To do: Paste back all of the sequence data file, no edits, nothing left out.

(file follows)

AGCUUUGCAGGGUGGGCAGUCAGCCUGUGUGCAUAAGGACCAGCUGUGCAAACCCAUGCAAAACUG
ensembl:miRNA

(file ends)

AGCUUUGCAGGGUGGGCAGUCAGCCUGUGUGCAUAAGGACCAGCUGUGCAAACCCAUGCAAAACUG
ensembl:miRNA